grint, you might want to brush up on the concepts of SLAM some more - the basic concepts, how it works with probabilities, etc. I can't tell you how valuable I found the Udacity CS373 course to be to helping me better understand SLAM, in addition to many other topics surrounding it. If you have a chunk of time (8-12 weeks or so - it's at your own pace, though - so you could go longer if you wanted), I strongly encourage you to take it. You will need to understand and be able to implement algorithms using probabilities and linear algebra - so be aware of that going in (other courses are available from Udacity and other MOOCs that can help you prepare).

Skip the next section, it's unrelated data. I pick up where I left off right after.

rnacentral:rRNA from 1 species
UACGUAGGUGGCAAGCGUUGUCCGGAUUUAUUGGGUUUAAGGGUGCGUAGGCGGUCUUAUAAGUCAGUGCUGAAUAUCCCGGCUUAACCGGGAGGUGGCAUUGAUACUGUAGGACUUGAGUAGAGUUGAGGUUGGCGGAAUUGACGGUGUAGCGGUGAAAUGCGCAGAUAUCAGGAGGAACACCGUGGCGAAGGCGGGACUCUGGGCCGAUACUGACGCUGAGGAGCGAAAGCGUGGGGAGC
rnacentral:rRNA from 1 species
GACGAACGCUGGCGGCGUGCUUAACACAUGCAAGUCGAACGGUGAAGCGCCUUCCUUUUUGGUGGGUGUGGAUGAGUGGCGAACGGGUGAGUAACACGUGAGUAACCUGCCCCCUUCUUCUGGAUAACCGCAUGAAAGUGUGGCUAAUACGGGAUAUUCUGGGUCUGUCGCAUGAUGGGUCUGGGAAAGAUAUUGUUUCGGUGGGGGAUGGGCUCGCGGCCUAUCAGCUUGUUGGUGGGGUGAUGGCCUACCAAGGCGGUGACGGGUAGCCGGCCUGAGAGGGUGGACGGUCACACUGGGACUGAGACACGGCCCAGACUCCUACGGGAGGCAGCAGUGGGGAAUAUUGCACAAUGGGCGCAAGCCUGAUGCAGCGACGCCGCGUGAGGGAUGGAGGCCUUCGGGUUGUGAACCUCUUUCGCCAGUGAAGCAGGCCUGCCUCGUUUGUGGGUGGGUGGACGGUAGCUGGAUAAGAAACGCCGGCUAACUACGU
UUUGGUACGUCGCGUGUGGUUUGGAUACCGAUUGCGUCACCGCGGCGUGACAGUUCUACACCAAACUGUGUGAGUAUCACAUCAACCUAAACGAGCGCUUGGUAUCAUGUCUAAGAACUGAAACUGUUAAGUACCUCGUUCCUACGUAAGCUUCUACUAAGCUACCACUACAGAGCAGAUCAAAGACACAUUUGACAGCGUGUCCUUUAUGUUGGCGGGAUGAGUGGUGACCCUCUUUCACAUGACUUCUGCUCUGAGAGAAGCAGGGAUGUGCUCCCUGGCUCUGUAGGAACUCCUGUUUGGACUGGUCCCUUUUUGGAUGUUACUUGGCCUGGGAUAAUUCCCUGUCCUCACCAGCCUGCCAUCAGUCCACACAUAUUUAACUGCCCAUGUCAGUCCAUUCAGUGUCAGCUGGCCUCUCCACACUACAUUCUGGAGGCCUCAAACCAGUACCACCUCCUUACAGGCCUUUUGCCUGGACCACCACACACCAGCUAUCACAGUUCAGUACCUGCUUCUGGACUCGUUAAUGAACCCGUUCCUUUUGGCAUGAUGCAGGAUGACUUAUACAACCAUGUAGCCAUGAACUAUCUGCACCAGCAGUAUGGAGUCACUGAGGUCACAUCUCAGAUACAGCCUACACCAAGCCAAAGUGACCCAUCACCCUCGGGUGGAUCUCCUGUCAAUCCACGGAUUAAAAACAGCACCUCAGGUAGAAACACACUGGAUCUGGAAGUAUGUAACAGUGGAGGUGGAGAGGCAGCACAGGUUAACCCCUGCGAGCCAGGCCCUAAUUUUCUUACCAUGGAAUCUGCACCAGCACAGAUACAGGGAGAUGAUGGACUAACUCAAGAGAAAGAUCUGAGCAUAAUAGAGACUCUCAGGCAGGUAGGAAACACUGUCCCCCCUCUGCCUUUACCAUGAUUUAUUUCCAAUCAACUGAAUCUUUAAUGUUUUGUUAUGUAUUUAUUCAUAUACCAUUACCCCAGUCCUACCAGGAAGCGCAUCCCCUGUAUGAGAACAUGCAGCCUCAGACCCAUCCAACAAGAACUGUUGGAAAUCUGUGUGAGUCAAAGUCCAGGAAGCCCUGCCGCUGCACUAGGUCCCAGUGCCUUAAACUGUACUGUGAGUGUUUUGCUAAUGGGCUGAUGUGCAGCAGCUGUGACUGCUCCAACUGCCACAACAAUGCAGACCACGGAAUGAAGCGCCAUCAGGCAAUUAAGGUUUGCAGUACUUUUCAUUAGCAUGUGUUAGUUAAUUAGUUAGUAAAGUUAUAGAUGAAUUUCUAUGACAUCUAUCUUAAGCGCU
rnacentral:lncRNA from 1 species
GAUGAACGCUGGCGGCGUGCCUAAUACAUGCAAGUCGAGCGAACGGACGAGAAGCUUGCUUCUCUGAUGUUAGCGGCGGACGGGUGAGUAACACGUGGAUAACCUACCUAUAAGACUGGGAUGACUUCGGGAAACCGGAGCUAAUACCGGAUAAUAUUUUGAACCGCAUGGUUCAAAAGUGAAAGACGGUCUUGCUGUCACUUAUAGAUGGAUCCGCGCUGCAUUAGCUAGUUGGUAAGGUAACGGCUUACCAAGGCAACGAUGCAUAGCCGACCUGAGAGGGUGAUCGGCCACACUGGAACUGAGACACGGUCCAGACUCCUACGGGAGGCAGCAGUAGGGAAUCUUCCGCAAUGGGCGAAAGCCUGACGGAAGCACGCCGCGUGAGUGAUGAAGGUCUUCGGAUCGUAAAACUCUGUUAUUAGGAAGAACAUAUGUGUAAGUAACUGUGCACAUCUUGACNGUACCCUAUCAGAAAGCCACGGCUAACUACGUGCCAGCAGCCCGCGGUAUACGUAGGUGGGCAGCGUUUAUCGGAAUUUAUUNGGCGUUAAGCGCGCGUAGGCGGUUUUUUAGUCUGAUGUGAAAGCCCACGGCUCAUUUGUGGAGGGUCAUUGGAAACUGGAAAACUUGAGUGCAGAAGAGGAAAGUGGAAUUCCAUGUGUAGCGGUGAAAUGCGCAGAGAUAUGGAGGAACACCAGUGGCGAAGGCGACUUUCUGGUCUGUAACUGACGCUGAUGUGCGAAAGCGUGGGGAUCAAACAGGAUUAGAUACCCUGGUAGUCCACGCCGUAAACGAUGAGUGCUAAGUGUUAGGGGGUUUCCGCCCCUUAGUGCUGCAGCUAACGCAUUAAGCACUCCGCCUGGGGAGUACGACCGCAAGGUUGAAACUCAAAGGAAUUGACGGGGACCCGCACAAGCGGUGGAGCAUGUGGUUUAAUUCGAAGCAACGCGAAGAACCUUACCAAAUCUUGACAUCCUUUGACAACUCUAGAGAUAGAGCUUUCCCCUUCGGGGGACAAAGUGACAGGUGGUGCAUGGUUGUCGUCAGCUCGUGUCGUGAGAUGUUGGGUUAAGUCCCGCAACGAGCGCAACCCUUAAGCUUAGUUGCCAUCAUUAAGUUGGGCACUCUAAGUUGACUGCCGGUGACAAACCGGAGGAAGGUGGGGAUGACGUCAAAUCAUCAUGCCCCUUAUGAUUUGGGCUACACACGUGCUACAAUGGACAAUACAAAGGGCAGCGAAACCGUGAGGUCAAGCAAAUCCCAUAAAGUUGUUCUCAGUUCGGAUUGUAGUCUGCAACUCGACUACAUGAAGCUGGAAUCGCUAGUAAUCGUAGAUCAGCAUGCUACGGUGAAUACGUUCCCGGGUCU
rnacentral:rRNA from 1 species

14  Using Arduino / Sensors / Re: Toot bricks on: September 22, 2014, 04:20:57 pm
You could put a coil (probably require quite a few turns - maybe 1000 or so) on the inside of each face of the box, and use that as an "air-gap" transformer to communicate...?
15  Community / Bar Sport / Re: Dagu5, is it possible to replace tracks with wheels ? on: September 21, 2014, 11:20:12 am
As noted, you can replace them - but have you thought about purchasing replacement tracks? It's another possible option:

You might get in contact with this guy - he's an employee for the company: